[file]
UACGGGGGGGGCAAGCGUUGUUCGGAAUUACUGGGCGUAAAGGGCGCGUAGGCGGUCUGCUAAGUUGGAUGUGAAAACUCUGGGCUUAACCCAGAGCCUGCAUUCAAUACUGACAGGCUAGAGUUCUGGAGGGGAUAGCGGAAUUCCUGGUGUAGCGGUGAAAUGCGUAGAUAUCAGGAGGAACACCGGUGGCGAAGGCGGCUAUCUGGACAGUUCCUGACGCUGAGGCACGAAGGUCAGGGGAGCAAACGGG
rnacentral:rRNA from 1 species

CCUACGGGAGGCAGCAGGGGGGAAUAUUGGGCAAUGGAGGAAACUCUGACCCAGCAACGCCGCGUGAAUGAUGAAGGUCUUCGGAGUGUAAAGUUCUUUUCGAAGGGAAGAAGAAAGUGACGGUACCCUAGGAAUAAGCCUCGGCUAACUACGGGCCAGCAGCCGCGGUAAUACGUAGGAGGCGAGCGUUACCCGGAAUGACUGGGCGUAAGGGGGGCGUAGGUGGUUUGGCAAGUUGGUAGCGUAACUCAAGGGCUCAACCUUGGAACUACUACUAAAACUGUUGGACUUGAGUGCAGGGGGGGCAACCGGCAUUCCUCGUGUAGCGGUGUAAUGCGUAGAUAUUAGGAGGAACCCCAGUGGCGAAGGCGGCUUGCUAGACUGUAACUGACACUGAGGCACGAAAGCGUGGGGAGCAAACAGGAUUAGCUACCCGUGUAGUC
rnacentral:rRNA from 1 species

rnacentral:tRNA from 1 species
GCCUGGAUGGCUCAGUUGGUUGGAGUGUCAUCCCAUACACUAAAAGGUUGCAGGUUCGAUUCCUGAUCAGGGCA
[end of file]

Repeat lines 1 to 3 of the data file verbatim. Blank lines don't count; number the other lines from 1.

UACGGGGGGGGCAAGCGUUGUUCGGAAUUACUGGGCGUAAAGGGCGCGUAGGCGGUCUGCUAAGUUGGAUGUGAAAACUCUGGGCUUAACCCAGAGCCUGCAUUCAAUACUGACAGGCUAGAGUUCUGGAGGGGAUAGCGGAAUUCCUGGUGUAGCGGUGAAAUGCGUAGAUAUCAGGAGGAACACCGGUGGCGAAGGCGGCUAUCUGGACAGUUCCUGACGCUGAGGCACGAAGGUCAGGGGAGCAAACGGG
rnacentral:rRNA from 1 species

CCUACGGGAGGCAGCAGGGGGGAAUAUUGGGCAAUGGAGGAAACUCUGACCCAGCAACGCCGCGUGAAUGAUGAAGGUCUUCGGAGUGUAAAGUUCUUUUCGAAGGGAAGAAGAAAGUGACGGUACCCUAGGAAUAAGCCUCGGCUAACUACGGGCCAGCAGCCGCGGUAAUACGUAGGAGGCGAGCGUUACCCGGAAUGACUGGGCGUAAGGGGGGCGUAGGUGGUUUGGCAAGUUGGUAGCGUAACUCAAGGGCUCAACCUUGGAACUACUACUAAAACUGUUGGACUUGAGUGCAGGGGGGGCAACCGGCAUUCCUCGUGUAGCGGUGUAAUGCGUAGAUAUUAGGAGGAACCCCAGUGGCGAAGGCGGCUUGCUAGACUGUAACUGACACUGAGGCACGAAAGCGUGGGGAGCAAACAGGAUUAGCUACCCGUGUAGUC